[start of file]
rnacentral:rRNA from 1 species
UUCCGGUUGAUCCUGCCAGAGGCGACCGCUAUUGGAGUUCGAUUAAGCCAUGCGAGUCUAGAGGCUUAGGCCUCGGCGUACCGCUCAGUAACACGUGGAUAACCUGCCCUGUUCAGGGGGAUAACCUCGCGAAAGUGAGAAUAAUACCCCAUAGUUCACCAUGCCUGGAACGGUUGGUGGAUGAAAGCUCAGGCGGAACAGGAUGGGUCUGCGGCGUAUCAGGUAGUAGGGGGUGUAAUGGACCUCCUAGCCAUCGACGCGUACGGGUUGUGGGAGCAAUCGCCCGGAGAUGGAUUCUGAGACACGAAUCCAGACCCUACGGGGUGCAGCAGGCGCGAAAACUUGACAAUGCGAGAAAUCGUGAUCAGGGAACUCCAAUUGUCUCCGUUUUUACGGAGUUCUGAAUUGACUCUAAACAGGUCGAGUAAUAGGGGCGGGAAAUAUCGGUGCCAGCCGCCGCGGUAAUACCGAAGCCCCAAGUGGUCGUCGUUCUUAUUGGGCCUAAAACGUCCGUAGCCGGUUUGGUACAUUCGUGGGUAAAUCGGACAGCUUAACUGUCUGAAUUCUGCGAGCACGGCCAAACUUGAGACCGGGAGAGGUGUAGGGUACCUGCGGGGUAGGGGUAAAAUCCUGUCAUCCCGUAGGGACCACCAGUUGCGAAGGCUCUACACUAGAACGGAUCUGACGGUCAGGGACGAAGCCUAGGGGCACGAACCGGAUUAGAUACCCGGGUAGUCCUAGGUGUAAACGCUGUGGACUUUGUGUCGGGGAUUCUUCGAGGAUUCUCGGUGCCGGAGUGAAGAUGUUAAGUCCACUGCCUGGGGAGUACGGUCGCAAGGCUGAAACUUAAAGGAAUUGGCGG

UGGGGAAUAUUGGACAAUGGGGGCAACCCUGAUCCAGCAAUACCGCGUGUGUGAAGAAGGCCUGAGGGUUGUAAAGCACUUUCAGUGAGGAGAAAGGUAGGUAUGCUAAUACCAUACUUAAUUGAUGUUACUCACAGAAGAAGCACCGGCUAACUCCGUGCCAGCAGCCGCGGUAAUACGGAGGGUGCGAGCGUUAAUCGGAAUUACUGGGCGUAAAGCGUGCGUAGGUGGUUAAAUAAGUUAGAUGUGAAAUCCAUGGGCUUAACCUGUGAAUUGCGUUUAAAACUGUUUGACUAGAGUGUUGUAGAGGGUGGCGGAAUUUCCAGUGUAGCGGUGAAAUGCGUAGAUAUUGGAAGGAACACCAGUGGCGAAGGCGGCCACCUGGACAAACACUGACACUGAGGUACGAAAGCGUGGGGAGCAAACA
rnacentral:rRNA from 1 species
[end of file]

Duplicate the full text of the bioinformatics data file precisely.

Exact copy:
rnacentral:rRNA from 1 species
UUCCGGUUGAUCCUGCCAGAGGCGACCGCUAUUGGAGUUCGAUUAAGCCAUGCGAGUCUAGAGGCUUAGGCCUCGGCGUACCGCUCAGUAACACGUGGAUAACCUGCCCUGUUCAGGGGGAUAACCUCGCGAAAGUGAGAAUAAUACCCCAUAGUUCACCAUGCCUGGAACGGUUGGUGGAUGAAAGCUCAGGCGGAACAGGAUGGGUCUGCGGCGUAUCAGGUAGUAGGGGGUGUAAUGGACCUCCUAGCCAUCGACGCGUACGGGUUGUGGGAGCAAUCGCCCGGAGAUGGAUUCUGAGACACGAAUCCAGACCCUACGGGGUGCAGCAGGCGCGAAAACUUGACAAUGCGAGAAAUCGUGAUCAGGGAACUCCAAUUGUCUCCGUUUUUACGGAGUUCUGAAUUGACUCUAAACAGGUCGAGUAAUAGGGGCGGGAAAUAUCGGUGCCAGCCGCCGCGGUAAUACCGAAGCCCCAAGUGGUCGUCGUUCUUAUUGGGCCUAAAACGUCCGUAGCCGGUUUGGUACAUUCGUGGGUAAAUCGGACAGCUUAACUGUCUGAAUUCUGCGAGCACGGCCAAACUUGAGACCGGGAGAGGUGUAGGGUACCUGCGGGGUAGGGGUAAAAUCCUGUCAUCCCGUAGGGACCACCAGUUGCGAAGGCUCUACACUAGAACGGAUCUGACGGUCAGGGACGAAGCCUAGGGGCACGAACCGGAUUAGAUACCCGGGUAGUCCUAGGUGUAAACGCUGUGGACUUUGUGUCGGGGAUUCUUCGAGGAUUCUCGGUGCCGGAGUGAAGAUGUUAAGUCCACUGCCUGGGGAGUACGGUCGCAAGGCUGAAACUUAAAGGAAUUGGCGG

UGGGGAAUAUUGGACAAUGGGGGCAACCCUGAUCCAGCAAUACCGCGUGUGUGAAGAAGGCCUGAGGGUUGUAAAGCACUUUCAGUGAGGAGAAAGGUAGGUAUGCUAAUACCAUACUUAAUUGAUGUUACUCACAGAAGAAGCACCGGCUAACUCCGUGCCAGCAGCCGCGGUAAUACGGAGGGUGCGAGCGUUAAUCGGAAUUACUGGGCGUAAAGCGUGCGUAGGUGGUUAAAUAAGUUAGAUGUGAAAUCCAUGGGCUUAACCUGUGAAUUGCGUUUAAAACUGUUUGACUAGAGUGUUGUAGAGGGUGGCGGAAUUUCCAGUGUAGCGGUGAAAUGCGUAGAUAUUGGAAGGAACACCAGUGGCGAAGGCGGCCACCUGGACAAACACUGACACUGAGGUACGAAAGCGUGGGGAGCAAACA
rnacentral:rRNA from 1 species